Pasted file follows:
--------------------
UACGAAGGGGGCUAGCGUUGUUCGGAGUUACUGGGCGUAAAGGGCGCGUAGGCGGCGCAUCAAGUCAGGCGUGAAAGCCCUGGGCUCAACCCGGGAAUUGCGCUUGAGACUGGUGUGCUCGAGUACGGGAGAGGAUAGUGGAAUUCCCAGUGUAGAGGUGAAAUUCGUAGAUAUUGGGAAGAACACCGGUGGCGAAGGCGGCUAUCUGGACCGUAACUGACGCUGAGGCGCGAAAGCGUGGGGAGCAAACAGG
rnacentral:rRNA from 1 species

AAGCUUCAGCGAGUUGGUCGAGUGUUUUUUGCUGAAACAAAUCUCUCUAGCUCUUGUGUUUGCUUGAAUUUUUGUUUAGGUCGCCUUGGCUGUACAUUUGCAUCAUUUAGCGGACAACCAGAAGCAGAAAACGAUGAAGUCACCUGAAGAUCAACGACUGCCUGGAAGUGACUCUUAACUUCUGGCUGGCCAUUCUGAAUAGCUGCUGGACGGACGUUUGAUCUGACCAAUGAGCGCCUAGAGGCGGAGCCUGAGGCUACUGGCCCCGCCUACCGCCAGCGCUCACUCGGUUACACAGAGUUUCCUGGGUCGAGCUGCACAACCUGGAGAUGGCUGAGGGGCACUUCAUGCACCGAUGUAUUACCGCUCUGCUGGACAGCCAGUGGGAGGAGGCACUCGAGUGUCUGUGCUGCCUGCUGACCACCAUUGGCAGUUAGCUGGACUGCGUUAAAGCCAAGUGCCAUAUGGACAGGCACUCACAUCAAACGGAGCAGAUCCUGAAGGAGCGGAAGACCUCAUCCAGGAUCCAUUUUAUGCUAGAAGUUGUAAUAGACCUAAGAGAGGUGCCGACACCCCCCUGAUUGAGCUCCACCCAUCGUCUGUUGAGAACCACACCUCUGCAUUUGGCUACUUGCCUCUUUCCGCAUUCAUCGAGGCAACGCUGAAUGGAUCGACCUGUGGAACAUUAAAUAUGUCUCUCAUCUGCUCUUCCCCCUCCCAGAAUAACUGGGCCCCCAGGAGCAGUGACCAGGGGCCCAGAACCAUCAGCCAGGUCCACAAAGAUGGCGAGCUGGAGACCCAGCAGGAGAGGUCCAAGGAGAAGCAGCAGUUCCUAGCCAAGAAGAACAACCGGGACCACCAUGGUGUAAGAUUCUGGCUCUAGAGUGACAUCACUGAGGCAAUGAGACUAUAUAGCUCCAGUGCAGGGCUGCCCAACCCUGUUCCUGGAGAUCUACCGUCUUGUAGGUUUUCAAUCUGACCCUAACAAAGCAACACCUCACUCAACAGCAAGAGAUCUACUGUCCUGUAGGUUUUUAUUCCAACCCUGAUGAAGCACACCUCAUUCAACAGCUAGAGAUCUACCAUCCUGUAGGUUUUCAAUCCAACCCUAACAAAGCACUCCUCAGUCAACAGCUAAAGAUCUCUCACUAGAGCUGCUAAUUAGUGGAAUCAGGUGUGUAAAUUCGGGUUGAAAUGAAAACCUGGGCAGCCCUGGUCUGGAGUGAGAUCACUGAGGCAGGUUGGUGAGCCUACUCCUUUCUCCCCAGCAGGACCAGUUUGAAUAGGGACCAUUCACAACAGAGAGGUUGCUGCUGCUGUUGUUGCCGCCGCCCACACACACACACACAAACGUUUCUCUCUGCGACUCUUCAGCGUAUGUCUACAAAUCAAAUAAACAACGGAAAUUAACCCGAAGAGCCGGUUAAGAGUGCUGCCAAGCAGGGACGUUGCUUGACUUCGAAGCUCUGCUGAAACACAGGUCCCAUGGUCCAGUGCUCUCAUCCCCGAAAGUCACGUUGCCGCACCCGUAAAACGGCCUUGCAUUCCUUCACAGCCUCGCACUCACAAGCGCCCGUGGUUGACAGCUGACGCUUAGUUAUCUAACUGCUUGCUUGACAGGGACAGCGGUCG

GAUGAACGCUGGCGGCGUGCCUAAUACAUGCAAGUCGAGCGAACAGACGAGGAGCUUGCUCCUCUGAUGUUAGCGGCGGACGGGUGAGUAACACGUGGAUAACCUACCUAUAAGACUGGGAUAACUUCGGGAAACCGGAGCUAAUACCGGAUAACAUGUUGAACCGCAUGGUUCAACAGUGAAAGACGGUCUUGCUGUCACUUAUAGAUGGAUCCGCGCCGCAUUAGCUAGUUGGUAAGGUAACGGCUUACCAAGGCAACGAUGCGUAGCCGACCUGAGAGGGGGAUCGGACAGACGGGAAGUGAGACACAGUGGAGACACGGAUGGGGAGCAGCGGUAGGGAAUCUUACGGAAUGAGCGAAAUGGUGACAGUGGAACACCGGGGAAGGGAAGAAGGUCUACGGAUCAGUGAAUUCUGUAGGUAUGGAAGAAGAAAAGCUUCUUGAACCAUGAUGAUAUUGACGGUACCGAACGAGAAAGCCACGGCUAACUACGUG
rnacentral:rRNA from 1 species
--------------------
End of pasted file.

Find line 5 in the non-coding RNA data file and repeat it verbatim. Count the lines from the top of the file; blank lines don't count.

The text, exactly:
rnacentral:rRNA from 1 species